Second, a hierarchical logistic regression revealed that the addition of other measures of visual function did not improve the rate of classification (see Table 6). VA was forced into the regression model at Step 1, and the additional measures of visual function at Step 2. Not surprisingly, VA significantly predicted group membership at Step 1 (B = − 1.26, S.E. = 0.39), odds ratio = 0.28 (95% CI = 0.13–0.61), where poorer VA indicated higher odds of being categorised in the low performance group, Nagelkerke R2 = 0.36 (82.2% of correct classification). Vitally, none of the additional measures added to the quality of prediction at Step 2 (i.e., no further significant predictors and therefore no change in Nagelkerke R2 nor percentage of correct classification, see Table 6 for regression statistics). Results suggest that the use of VA alone provided the most parsimonious means of separating the group into two classes.Footnote 3

Table 6 Hierarchical logistic regression of all visual functions on best race time, with VA being forced into the model at step 1, and other visual functions entered with a stepwise method at step 2
Finish Time and Mean Lateral Position

Table 7 presents the main results for finish time and mean lateral position, including the respective decision trees, bootstrapping, and logistic regressions. Three main conclusions differ between best race time and results regarding finish time and mean lateral position. First, the decision tree split finish time and mean lateral position at 2.6 logMAR as opposed to the 3.5 logMAR found for the best race time. Second, the logistic regression to predict high/low performance suggests that VS, LS, DP, and MP can improve the quality of the prediction of finish time above what is possible with VA alone, and can even replace VA at Step 2. However, the increase in percentage of correct classification is marginal (from 85.4 to 87.8%; Table 7). Similarly, VA alone is also not sufficient to predict mean lateral position, with DP contributing to the quality of the prediction (note though the decrease in the quality of correct classification from 89.5 to 86.9%; Table 7). Overall, results from finish time and mean lateral position suggest that other measures of visual function may be related to performance in some aspects of the swimming race, but that their addition does not practically improve the percentage of correct classification into high or low performing athletes.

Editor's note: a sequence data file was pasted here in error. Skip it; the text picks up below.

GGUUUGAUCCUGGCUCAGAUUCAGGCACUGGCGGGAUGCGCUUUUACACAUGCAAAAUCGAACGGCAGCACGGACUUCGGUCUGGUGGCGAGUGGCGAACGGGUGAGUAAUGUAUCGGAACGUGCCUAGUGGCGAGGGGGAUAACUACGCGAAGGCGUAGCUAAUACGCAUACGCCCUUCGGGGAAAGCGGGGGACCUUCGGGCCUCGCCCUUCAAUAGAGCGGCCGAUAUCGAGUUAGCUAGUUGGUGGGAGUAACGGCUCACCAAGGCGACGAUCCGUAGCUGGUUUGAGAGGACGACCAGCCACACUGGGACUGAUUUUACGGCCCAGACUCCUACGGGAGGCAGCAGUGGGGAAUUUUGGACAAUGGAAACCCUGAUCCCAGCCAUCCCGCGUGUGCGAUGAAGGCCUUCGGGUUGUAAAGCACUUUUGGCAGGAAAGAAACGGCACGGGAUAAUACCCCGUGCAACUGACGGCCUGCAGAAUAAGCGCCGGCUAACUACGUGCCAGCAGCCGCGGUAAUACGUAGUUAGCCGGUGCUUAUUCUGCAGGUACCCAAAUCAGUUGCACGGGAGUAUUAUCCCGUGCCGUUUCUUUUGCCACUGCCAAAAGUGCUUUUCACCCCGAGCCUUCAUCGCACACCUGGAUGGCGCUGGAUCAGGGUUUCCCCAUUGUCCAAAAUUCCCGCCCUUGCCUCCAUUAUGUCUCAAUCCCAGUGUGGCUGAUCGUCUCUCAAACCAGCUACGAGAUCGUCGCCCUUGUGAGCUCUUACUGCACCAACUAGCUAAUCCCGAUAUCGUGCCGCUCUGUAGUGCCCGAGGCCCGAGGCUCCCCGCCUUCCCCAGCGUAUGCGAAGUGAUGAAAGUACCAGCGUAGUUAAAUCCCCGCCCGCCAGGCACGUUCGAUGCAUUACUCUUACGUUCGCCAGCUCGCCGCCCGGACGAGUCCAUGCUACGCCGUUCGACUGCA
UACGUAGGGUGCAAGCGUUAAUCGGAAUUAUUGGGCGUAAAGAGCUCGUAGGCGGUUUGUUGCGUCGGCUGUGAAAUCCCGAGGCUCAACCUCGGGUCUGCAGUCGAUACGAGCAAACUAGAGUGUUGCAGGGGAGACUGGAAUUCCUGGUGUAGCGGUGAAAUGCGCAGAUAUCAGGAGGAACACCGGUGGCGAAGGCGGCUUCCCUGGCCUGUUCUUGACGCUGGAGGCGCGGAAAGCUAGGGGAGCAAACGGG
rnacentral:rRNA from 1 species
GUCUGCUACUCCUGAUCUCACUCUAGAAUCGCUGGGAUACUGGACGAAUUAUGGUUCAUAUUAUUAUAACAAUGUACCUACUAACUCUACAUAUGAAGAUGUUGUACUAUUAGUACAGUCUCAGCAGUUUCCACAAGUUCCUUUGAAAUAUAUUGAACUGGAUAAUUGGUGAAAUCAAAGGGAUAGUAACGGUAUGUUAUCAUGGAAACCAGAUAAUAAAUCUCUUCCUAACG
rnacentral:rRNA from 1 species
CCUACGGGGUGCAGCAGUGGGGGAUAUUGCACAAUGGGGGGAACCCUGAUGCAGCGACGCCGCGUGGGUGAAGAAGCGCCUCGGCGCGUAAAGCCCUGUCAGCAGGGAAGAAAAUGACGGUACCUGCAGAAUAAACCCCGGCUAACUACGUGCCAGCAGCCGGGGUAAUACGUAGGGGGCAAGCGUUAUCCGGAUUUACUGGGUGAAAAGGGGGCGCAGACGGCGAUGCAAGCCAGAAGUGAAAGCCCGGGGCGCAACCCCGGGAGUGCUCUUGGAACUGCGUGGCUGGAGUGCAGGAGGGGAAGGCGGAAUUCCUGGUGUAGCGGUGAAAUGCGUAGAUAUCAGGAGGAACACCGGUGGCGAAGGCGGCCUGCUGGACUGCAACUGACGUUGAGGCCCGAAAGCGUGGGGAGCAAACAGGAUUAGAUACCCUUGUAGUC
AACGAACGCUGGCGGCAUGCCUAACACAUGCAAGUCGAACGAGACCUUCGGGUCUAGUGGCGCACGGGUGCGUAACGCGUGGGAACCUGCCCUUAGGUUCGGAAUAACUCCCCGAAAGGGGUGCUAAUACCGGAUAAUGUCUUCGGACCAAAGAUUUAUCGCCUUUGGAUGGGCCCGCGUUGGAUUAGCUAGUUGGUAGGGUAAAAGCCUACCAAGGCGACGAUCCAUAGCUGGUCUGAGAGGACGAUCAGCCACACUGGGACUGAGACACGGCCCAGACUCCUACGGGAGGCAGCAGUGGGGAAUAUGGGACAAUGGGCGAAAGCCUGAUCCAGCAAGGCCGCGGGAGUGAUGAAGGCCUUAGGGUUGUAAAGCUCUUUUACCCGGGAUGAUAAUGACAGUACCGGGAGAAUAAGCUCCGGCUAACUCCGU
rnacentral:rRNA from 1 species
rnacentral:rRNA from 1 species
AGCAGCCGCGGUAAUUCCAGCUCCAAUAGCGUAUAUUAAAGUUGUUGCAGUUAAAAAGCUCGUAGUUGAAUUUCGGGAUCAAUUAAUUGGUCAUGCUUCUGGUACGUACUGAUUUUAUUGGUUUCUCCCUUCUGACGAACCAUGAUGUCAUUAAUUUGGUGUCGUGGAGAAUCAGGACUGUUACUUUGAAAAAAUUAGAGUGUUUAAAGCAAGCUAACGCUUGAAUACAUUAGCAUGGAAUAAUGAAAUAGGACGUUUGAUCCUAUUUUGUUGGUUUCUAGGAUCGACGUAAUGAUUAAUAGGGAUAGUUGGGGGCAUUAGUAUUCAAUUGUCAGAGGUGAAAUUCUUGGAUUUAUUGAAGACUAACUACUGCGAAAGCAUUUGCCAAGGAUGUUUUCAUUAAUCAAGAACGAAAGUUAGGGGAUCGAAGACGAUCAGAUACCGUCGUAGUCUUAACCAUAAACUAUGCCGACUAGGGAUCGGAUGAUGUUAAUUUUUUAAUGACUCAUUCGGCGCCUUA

Table 7 Results summary for finish time and mean lateral position

Relationship Between Visual Function and Swimming Performance for Athletes with VA ≤ 3.5 logMAR

Further analyses conducted on the subgroup of athletes with VA ≤ 3.5 logMAR created by the original decision tree suggest that further splits are not necessary on the basis of the other measures of visual function.

Best Race Time

Correlation analysis considering only athletes with VA ≤ 3.5 logMAR revealed no significant relationship between performance and any of the measures of visual function (|rs|< 0.11, ps > 0.54; see Table 8 and Fig. 3). This finding suggests that no further split may be necessary on the basis of the other measures of visual function. Note that missing values were replaced with dummy values for CS, LS, DP, VS, and MP.

Table 8 Correlation matrix for measures of visual functions and best race time for participants with VA ≤ 3.5 logMAR
Fig. 3
figure 3

Relationships between residual race time and each of the six measures of visual functions (a–f) for athletes with VA ≤ 3.5 logMAR

Having ruled out the need to split the group using individual measures of visual function, we used linear multiple regression (enter method) to verify whether a combination of two or more measures of visual function would better predict performance (i.e., when taking into account the influence of other predictors on performance). Results revealed that, taken together, there was no combination of visual functions that was able to significantly predict the best race time, F(6, 27) = 0.36, p = 0.897, Adjusted R2 = − 0.13, suggesting that no further split in this subgroup was necessary.